Dr. Peter Lynch has released a new video in his series exposing misinformation that has dominated the mental healthcare industry far too long.
He, among others, says it's not true that chemical imbalances in the brain cause mental illness, that psychiatry is solidly grounded in science or that its drugs correct any so-called imbalances. Also false, says Lynch, is that psychiatry and drugs are the best we have to deal with mental illness, or that no other treatment options exist.
The real problem, he says, is not brain pathology. “It is emotional distress.”
And Dr. Jaakko Seikkula would agree. In the 1980s Seikkula and a team in Tornio, Finland developed an innovative treatment program that focuses on alleviating the emotional trauma of those in distress. This “Open Dialogue” has consistently reduced the need for hospitalization and medication and also reduced relapse “when compared with treatment as usual.”
With PTSD on the rise, exacerbated by two wars and added economic stress, it is destructive for the US DHHS to continue supporting the old myths about mental illness, while ignoring this new and effective treatment that the Institute for Dialogic Practice is teaching within the US.
Tell the Dept of Health to put full steam behind the Open Dialogue movement.
UPDATE: US Dept of Health, SAMHSA's representative Wilma Townsend responded to signatures sent in October, saying SAMHSA supports "evidence based practices that promote behavioral health recovery, but it also encourages individuals to have the option of selecting the practice that helps them with their recovery, including Open Dialogue...."
UPDATE 2: Ms Townsend clarified that it's up to states to request funds for alternative recovery programs. So really STATES, rather than individuals, are choosing the recovery options that are available to individuals. She explains that SAMHSA leaves it up to individuals and groups to submit proposals and/or convince their states to ASK SAMSHA for funds for Open Dialogue or other treatment options.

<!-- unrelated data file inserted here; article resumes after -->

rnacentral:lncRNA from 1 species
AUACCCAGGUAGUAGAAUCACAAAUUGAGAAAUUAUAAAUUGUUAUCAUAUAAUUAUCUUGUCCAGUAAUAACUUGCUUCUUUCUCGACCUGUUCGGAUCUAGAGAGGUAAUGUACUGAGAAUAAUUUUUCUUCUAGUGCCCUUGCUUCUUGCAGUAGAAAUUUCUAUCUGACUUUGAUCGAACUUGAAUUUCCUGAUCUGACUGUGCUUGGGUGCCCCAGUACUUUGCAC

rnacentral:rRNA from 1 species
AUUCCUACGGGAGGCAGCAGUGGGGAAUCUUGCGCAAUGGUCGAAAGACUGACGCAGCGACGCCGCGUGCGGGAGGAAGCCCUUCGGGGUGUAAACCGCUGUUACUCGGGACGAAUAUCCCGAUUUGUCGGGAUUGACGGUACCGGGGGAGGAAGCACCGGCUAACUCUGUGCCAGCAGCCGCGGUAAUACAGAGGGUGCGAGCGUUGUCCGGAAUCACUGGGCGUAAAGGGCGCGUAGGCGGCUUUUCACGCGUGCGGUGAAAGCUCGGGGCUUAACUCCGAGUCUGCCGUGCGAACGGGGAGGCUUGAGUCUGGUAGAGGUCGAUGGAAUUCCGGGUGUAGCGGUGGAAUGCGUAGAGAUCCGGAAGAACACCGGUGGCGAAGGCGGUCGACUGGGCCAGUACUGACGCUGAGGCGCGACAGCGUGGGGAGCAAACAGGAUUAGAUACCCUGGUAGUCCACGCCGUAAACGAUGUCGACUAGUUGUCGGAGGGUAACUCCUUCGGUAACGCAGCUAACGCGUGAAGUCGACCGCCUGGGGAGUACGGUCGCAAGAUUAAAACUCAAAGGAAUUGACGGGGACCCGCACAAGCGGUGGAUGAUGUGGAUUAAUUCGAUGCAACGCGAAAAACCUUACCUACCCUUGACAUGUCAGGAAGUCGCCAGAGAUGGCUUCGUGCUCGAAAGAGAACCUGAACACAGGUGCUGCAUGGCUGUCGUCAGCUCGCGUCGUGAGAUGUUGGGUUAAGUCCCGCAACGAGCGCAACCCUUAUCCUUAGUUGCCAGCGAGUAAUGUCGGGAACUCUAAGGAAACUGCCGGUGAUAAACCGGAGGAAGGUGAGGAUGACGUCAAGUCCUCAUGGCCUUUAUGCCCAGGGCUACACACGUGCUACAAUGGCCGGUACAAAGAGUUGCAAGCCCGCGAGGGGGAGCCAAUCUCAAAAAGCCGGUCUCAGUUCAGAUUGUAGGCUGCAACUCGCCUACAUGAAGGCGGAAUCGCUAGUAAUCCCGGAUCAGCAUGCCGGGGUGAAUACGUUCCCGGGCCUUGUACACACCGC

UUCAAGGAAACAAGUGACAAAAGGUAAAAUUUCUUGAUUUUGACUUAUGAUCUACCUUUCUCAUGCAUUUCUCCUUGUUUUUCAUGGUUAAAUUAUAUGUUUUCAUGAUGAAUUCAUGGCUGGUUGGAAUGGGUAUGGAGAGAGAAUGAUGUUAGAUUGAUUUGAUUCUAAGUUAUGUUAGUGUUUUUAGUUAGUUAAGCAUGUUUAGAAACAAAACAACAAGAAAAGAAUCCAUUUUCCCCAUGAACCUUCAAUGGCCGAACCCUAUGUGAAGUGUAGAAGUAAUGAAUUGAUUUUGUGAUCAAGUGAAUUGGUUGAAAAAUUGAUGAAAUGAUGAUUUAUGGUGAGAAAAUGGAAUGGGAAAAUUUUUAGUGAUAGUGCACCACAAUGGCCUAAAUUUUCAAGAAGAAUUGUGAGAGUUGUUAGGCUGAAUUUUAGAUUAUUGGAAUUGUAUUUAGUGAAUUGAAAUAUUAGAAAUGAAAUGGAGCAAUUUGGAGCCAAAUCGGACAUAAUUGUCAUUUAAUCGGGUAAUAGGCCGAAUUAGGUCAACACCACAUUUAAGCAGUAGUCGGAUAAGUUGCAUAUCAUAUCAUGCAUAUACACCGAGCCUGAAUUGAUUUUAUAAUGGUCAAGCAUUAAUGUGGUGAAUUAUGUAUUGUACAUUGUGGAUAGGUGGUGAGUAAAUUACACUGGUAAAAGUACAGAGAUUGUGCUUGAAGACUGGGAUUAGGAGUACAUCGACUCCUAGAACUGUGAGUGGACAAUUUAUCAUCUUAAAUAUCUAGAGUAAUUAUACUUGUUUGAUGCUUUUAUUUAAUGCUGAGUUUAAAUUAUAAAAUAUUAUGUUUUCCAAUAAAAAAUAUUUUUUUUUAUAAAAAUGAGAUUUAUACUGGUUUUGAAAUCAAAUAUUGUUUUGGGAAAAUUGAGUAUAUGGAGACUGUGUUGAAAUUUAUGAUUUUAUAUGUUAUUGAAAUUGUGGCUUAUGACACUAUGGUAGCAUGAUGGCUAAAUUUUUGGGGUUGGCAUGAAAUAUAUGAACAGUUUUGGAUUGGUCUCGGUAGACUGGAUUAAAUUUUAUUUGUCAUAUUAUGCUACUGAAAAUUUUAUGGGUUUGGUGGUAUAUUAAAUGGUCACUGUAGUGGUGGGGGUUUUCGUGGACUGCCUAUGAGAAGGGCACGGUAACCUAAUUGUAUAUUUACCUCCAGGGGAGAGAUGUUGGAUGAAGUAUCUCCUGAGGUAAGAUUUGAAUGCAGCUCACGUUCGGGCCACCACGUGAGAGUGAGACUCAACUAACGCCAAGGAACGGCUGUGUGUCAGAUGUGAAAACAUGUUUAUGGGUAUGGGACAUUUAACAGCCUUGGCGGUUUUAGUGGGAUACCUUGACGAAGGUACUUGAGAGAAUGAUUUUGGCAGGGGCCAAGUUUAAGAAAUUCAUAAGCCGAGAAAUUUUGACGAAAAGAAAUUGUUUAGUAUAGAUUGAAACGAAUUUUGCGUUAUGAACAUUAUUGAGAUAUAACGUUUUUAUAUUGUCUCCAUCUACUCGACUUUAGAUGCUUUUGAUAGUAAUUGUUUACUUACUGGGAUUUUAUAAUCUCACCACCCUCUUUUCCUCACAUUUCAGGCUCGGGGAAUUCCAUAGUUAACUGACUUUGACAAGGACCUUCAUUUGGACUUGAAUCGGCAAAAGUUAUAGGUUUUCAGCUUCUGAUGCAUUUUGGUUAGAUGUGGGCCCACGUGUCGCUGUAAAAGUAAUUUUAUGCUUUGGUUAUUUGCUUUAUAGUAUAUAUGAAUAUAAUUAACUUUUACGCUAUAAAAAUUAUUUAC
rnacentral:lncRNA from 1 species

This is like asking someone whose house is on fire to submit a proposal to the fire department, requesting it use water, rather than flammable chemicals, to fight the fire.
And it's not good enough. Though it is good that SAMHSA has responded and explained its position, it is time for the US Dept of Health to take the innitiative to actively promote non-drug recovery programs like Open Dialogue and demand that states use at least 50% of federal funds to create and support such treatment models. SAMHSA should also provide adequate funding for these programs so that states don't have to rely on kickbacks from the pharmaceutical industry, as they are certainly doing now, either directly or indirectly.
We must continue to insist that programs like Open Dialogue, Empathic Therapy and Soteria be available to all residents of all counties and cities in the US. Because of the current prison-like state hospitals and tormenting drug-based "standard of care" many don't seek help. But they would likely do so if there were non-threatening and compassionate alternatives available. It makes no sense to further traumatize (with our current system) those who are already suffering effects of trauma and stress.
We, the undersigned, agree with Dr. Lynch that mental healthcare must be reformed. The domination of our healthcare system by the corrupt pharmaceutical industry, facilitated by a corrupt FDA drug review system must end.
Dr. Jaako Seikkula in Finland and a colleague developed a system called Open Dialogue, which has for more than 30 years more effectively, and with little or no drugs, given healing support to those suffering emotional trauma, often preventing their distress from leading to serious mental conditions or relapses.
The US system fails seriously by comparison.
The growing list of abuses and neglect of those who suffer from mental and emotional trauma highlights the urgency of our need for reform.
It is time that the US, a country so masterful in its creation of trauma via wars, economic inequality, discrimination and police brutality start offering a more compassionate and effective treatment for those victimized by these tragic realities.
We request that the US Department of Health and Human Services take seriously the misinformation about mental illness that Dr. Lynch and other experts like Robert B. Whitaker are exposing and their call to reform our mental healthcare system.
We further request that you put the department’s full support behind the Institute for Dialogic Practice and make sure that, as soon as possible, every city and state in the US provides for its residents teams trained in this practice of Open Dialogue.
Thank you for your time.